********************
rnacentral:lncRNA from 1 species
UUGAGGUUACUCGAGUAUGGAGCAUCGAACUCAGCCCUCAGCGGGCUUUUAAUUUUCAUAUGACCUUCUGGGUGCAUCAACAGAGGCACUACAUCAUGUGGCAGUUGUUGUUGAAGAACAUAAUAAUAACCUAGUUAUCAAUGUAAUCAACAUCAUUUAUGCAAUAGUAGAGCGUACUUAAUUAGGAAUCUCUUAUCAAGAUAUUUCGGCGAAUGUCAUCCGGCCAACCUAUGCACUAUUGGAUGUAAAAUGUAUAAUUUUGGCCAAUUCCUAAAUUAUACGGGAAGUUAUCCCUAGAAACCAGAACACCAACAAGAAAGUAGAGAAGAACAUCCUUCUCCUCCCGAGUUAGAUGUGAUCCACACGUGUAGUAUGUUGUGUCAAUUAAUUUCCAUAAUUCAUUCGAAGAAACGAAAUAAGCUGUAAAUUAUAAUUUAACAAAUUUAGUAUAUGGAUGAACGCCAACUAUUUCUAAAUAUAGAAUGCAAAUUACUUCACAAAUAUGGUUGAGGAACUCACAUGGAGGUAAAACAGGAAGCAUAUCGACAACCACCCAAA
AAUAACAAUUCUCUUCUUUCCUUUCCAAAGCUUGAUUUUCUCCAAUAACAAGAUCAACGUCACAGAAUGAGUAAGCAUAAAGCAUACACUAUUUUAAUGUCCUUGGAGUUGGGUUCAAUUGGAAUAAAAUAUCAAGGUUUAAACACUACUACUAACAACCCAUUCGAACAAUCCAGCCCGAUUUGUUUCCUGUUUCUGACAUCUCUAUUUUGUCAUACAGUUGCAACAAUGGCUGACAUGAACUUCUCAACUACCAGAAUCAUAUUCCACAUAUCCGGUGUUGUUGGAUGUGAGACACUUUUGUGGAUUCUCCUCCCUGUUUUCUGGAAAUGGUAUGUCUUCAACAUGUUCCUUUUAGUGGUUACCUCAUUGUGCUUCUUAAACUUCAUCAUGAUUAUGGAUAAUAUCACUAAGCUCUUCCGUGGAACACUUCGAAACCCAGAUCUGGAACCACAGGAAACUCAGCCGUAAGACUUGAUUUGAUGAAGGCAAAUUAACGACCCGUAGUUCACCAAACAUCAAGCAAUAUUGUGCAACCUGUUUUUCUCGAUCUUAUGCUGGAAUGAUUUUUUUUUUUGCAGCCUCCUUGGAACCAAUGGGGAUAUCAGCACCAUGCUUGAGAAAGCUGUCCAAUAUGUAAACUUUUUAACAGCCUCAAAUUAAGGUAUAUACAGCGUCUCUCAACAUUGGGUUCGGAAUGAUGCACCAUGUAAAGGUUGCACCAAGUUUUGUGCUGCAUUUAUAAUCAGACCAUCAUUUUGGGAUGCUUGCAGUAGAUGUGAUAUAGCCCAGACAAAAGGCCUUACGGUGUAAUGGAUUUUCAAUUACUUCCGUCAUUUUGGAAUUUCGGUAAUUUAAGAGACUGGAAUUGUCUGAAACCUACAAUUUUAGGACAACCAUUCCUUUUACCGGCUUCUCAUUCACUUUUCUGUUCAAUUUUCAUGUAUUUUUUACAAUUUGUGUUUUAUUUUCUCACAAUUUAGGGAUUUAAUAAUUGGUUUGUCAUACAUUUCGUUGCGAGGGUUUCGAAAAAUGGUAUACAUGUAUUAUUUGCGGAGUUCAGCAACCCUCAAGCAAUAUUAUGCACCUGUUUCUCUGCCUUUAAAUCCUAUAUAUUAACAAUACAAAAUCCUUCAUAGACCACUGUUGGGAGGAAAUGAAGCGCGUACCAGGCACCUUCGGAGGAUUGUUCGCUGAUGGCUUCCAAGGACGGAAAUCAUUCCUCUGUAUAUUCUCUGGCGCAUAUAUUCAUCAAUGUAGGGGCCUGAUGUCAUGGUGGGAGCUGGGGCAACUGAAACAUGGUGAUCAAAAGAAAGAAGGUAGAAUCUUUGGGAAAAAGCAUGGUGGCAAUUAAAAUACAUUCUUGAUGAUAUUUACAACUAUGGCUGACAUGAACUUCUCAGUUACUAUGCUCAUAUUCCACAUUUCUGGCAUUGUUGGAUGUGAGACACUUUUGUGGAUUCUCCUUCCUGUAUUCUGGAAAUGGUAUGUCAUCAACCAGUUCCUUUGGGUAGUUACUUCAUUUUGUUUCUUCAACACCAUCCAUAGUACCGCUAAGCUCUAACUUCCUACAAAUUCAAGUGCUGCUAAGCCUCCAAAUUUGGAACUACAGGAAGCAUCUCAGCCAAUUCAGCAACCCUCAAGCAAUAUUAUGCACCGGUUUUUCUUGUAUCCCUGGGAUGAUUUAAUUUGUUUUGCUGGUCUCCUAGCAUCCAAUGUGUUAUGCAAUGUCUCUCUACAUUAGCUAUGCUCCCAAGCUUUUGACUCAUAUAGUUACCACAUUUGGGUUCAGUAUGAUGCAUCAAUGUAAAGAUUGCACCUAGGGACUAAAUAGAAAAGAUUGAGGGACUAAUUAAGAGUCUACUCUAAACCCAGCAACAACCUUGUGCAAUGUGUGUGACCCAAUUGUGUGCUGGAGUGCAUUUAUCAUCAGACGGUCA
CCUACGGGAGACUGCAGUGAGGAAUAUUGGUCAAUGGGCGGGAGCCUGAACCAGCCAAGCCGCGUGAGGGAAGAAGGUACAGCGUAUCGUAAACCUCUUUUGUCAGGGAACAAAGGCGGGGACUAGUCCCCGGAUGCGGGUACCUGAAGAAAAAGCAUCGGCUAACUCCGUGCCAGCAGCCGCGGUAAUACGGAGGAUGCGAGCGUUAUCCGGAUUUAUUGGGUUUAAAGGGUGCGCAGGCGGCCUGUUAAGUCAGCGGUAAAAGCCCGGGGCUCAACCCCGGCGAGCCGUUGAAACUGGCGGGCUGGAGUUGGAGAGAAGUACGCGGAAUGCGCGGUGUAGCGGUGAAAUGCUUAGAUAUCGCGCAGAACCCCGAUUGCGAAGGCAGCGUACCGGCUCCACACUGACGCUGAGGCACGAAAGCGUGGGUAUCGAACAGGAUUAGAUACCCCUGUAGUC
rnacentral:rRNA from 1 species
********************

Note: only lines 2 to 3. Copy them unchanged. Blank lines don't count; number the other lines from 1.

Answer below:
UUGAGGUUACUCGAGUAUGGAGCAUCGAACUCAGCCCUCAGCGGGCUUUUAAUUUUCAUAUGACCUUCUGGGUGCAUCAACAGAGGCACUACAUCAUGUGGCAGUUGUUGUUGAAGAACAUAAUAAUAACCUAGUUAUCAAUGUAAUCAACAUCAUUUAUGCAAUAGUAGAGCGUACUUAAUUAGGAAUCUCUUAUCAAGAUAUUUCGGCGAAUGUCAUCCGGCCAACCUAUGCACUAUUGGAUGUAAAAUGUAUAAUUUUGGCCAAUUCCUAAAUUAUACGGGAAGUUAUCCCUAGAAACCAGAACACCAACAAGAAAGUAGAGAAGAACAUCCUUCUCCUCCCGAGUUAGAUGUGAUCCACACGUGUAGUAUGUUGUGUCAAUUAAUUUCCAUAAUUCAUUCGAAGAAACGAAAUAAGCUGUAAAUUAUAAUUUAACAAAUUUAGUAUAUGGAUGAACGCCAACUAUUUCUAAAUAUAGAAUGCAAAUUACUUCACAAAUAUGGUUGAGGAACUCACAUGGAGGUAAAACAGGAAGCAUAUCGACAACCACCCAAA
AAUAACAAUUCUCUUCUUUCCUUUCCAAAGCUUGAUUUUCUCCAAUAACAAGAUCAACGUCACAGAAUGAGUAAGCAUAAAGCAUACACUAUUUUAAUGUCCUUGGAGUUGGGUUCAAUUGGAAUAAAAUAUCAAGGUUUAAACACUACUACUAACAACCCAUUCGAACAAUCCAGCCCGAUUUGUUUCCUGUUUCUGACAUCUCUAUUUUGUCAUACAGUUGCAACAAUGGCUGACAUGAACUUCUCAACUACCAGAAUCAUAUUCCACAUAUCCGGUGUUGUUGGAUGUGAGACACUUUUGUGGAUUCUCCUCCCUGUUUUCUGGAAAUGGUAUGUCUUCAACAUGUUCCUUUUAGUGGUUACCUCAUUGUGCUUCUUAAACUUCAUCAUGAUUAUGGAUAAUAUCACUAAGCUCUUCCGUGGAACACUUCGAAACCCAGAUCUGGAACCACAGGAAACUCAGCCGUAAGACUUGAUUUGAUGAAGGCAAAUUAACGACCCGUAGUUCACCAAACAUCAAGCAAUAUUGUGCAACCUGUUUUUCUCGAUCUUAUGCUGGAAUGAUUUUUUUUUUUGCAGCCUCCUUGGAACCAAUGGGGAUAUCAGCACCAUGCUUGAGAAAGCUGUCCAAUAUGUAAACUUUUUAACAGCCUCAAAUUAAGGUAUAUACAGCGUCUCUCAACAUUGGGUUCGGAAUGAUGCACCAUGUAAAGGUUGCACCAAGUUUUGUGCUGCAUUUAUAAUCAGACCAUCAUUUUGGGAUGCUUGCAGUAGAUGUGAUAUAGCCCAGACAAAAGGCCUUACGGUGUAAUGGAUUUUCAAUUACUUCCGUCAUUUUGGAAUUUCGGUAAUUUAAGAGACUGGAAUUGUCUGAAACCUACAAUUUUAGGACAACCAUUCCUUUUACCGGCUUCUCAUUCACUUUUCUGUUCAAUUUUCAUGUAUUUUUUACAAUUUGUGUUUUAUUUUCUCACAAUUUAGGGAUUUAAUAAUUGGUUUGUCAUACAUUUCGUUGCGAGGGUUUCGAAAAAUGGUAUACAUGUAUUAUUUGCGGAGUUCAGCAACCCUCAAGCAAUAUUAUGCACCUGUUUCUCUGCCUUUAAAUCCUAUAUAUUAACAAUACAAAAUCCUUCAUAGACCACUGUUGGGAGGAAAUGAAGCGCGUACCAGGCACCUUCGGAGGAUUGUUCGCUGAUGGCUUCCAAGGACGGAAAUCAUUCCUCUGUAUAUUCUCUGGCGCAUAUAUUCAUCAAUGUAGGGGCCUGAUGUCAUGGUGGGAGCUGGGGCAACUGAAACAUGGUGAUCAAAAGAAAGAAGGUAGAAUCUUUGGGAAAAAGCAUGGUGGCAAUUAAAAUACAUUCUUGAUGAUAUUUACAACUAUGGCUGACAUGAACUUCUCAGUUACUAUGCUCAUAUUCCACAUUUCUGGCAUUGUUGGAUGUGAGACACUUUUGUGGAUUCUCCUUCCUGUAUUCUGGAAAUGGUAUGUCAUCAACCAGUUCCUUUGGGUAGUUACUUCAUUUUGUUUCUUCAACACCAUCCAUAGUACCGCUAAGCUCUAACUUCCUACAAAUUCAAGUGCUGCUAAGCCUCCAAAUUUGGAACUACAGGAAGCAUCUCAGCCAAUUCAGCAACCCUCAAGCAAUAUUAUGCACCGGUUUUUCUUGUAUCCCUGGGAUGAUUUAAUUUGUUUUGCUGGUCUCCUAGCAUCCAAUGUGUUAUGCAAUGUCUCUCUACAUUAGCUAUGCUCCCAAGCUUUUGACUCAUAUAGUUACCACAUUUGGGUUCAGUAUGAUGCAUCAAUGUAAAGAUUGCACCUAGGGACUAAAUAGAAAAGAUUGAGGGACUAAUUAAGAGUCUACUCUAAACCCAGCAACAACCUUGUGCAAUGUGUGUGACCCAAUUGUGUGCUGGAGUGCAUUUAUCAUCAGACGGUCA